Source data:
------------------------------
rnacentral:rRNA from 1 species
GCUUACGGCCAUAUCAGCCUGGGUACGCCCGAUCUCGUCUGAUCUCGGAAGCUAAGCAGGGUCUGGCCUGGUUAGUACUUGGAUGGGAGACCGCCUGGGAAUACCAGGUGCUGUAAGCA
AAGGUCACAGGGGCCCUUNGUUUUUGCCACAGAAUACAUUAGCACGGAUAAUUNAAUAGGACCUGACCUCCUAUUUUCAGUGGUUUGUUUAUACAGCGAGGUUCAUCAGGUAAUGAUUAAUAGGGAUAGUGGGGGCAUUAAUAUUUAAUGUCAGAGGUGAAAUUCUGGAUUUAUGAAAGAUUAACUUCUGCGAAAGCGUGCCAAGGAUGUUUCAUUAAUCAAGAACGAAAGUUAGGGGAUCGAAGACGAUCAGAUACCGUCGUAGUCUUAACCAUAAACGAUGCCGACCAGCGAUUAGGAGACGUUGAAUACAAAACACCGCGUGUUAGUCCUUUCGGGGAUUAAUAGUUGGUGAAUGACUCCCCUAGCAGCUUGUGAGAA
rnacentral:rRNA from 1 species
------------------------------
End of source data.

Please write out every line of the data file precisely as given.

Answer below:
rnacentral:rRNA from 1 species
GCUUACGGCCAUAUCAGCCUGGGUACGCCCGAUCUCGUCUGAUCUCGGAAGCUAAGCAGGGUCUGGCCUGGUUAGUACUUGGAUGGGAGACCGCCUGGGAAUACCAGGUGCUGUAAGCA
AAGGUCACAGGGGCCCUUNGUUUUUGCCACAGAAUACAUUAGCACGGAUAAUUNAAUAGGACCUGACCUCCUAUUUUCAGUGGUUUGUUUAUACAGCGAGGUUCAUCAGGUAAUGAUUAAUAGGGAUAGUGGGGGCAUUAAUAUUUAAUGUCAGAGGUGAAAUUCUGGAUUUAUGAAAGAUUAACUUCUGCGAAAGCGUGCCAAGGAUGUUUCAUUAAUCAAGAACGAAAGUUAGGGGAUCGAAGACGAUCAGAUACCGUCGUAGUCUUAACCAUAAACGAUGCCGACCAGCGAUUAGGAGACGUUGAAUACAAAACACCGCGUGUUAGUCCUUUCGGGGAUUAAUAGUUGGUGAAUGACUCCCCUAGCAGCUUGUGAGAA
rnacentral:rRNA from 1 species